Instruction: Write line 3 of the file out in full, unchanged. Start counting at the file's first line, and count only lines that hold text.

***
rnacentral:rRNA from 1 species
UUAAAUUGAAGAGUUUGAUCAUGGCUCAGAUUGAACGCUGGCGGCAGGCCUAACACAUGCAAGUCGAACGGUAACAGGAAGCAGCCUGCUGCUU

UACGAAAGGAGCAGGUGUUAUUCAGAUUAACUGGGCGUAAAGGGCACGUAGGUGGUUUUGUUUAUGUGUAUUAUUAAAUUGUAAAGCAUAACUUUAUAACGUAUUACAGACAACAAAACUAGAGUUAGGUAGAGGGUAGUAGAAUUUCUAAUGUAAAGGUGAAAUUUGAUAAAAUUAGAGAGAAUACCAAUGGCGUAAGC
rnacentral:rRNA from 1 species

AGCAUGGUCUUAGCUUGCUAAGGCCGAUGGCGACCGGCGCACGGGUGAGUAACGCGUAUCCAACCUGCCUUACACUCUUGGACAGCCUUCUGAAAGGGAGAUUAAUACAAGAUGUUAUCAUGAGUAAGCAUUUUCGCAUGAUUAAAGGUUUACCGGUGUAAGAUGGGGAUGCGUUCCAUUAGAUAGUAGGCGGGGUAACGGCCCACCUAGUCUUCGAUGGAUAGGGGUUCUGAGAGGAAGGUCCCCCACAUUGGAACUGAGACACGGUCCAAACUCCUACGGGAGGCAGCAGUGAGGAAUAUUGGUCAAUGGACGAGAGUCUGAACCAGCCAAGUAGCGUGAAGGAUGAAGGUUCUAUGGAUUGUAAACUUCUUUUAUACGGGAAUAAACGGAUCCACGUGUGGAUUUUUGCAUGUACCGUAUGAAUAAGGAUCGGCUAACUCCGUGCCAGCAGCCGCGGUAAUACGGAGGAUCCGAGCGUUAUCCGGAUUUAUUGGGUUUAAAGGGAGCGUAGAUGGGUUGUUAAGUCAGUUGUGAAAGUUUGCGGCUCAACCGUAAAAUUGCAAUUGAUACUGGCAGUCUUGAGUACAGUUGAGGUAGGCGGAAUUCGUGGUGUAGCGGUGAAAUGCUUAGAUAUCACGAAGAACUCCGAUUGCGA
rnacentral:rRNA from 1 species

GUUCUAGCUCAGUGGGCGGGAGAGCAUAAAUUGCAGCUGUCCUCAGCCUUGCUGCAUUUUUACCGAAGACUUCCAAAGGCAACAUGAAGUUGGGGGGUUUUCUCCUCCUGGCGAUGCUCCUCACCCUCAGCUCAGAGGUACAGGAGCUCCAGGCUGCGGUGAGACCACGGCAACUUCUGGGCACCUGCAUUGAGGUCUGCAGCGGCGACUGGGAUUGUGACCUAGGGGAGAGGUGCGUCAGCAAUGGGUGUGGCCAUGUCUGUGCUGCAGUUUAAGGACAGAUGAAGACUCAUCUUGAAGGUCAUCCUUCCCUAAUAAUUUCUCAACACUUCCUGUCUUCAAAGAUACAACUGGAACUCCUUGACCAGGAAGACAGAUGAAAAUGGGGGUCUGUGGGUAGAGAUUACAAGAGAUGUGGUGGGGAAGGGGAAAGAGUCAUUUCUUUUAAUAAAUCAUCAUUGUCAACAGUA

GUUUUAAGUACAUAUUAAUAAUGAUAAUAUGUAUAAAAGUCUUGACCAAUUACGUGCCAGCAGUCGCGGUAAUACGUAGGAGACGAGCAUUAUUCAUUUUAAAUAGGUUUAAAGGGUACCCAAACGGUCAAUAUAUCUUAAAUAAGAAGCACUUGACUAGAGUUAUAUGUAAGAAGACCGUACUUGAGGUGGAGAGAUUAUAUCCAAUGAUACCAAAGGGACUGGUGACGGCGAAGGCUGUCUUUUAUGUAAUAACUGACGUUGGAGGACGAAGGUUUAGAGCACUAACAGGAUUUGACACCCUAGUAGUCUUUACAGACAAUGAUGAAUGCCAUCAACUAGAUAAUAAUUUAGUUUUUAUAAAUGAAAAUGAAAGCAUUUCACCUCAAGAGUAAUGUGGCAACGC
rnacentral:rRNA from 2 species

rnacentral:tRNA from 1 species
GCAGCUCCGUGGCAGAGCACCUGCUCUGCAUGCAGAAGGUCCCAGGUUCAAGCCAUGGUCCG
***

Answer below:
UACGAAAGGAGCAGGUGUUAUUCAGAUUAACUGGGCGUAAAGGGCACGUAGGUGGUUUUGUUUAUGUGUAUUAUUAAAUUGUAAAGCAUAACUUUAUAACGUAUUACAGACAACAAAACUAGAGUUAGGUAGAGGGUAGUAGAAUUUCUAAUGUAAAGGUGAAAUUUGAUAAAAUUAGAGAGAAUACCAAUGGCGUAAGC